I’m also simplifying review to focus on one skill (plus the minimum requirements for completion). Although I didn’t find an effect size difference in any comparison of final projects, I noticed that use of evidence made a letter grade difference in final drafts. For the first month of this term, I assigned the exact same review about integrating sources as students wrote about three different stories. The narrow focus has had a measurable impact. The chart below shows what problems reviewers saw in the drafts they read across three weeks of peer learning work in Eli Review; this table summarizes the trait id checklists across three tasks.


Wait, most of those numbers go up! How can more problems in drafts be good? Reviewers are getting more accurate, and that’s great! They’re still probably underreporting problems with integrating sources, but every one they catch improves the draft. And every time they see problems in someone else’s draft, the writing coach in their heads gets smarter.

Every time they see problems in someone else’s draft, the writing coach in their heads gets smarter.

Also, because we’ve hammered lead in, signal, quote with careful punctuation, in-text citation, explanation for a month, they have more confidence in talking to each other about these criteria.  Their comments are longer and more helpful. After analyzing the comment digest from the most recent review, I can tell that all but five reviewers (prepared writers) averaged 4+ comments of 25+ words each. They’re also using the language of effective source use in their comments—as often to praise writers as to make suggestions.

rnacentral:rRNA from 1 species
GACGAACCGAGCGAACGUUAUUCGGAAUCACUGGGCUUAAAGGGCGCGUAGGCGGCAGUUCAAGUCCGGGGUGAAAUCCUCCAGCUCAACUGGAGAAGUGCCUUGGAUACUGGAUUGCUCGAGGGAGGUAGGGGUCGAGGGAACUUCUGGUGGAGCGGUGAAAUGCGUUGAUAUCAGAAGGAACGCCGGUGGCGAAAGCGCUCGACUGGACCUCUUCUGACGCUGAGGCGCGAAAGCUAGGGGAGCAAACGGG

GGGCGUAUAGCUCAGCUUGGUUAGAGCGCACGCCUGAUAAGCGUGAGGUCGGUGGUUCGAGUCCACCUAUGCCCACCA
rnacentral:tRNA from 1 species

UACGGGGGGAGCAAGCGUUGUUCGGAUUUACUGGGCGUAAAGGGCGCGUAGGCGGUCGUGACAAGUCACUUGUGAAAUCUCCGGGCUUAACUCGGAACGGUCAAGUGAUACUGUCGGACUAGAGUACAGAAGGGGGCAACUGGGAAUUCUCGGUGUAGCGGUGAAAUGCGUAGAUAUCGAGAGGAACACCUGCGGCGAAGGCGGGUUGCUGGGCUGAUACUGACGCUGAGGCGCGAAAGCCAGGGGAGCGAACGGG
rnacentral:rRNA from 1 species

This evidence shows that reviewers are looking for the parts of the draft that will be most helpful to writers as they revise. It shows that more of them can elaborate in their comments to writers because they’ve learned what’s possible to say and how to say it. Or, as Bill Hart-Davidson likes to say, they have an expanded meta-discourse for writing. It shows that the majority of reviewers are engaged in learning.

By looking at feedback, I’m better able to pay attention to prepared writers so that I can help them engage in helpful commenting and become better reviewers; through that practice, they’ll become better writers.


Now, the data also shows that 10 delinquent writers aren’t even minimally engaged in writing so that they are missing out on review too. Let me email them one more time.

Evidence-Based Teaching: Where You Look Matters was published to the Eli Review Blog in the categories Curriculum, Pedagogy.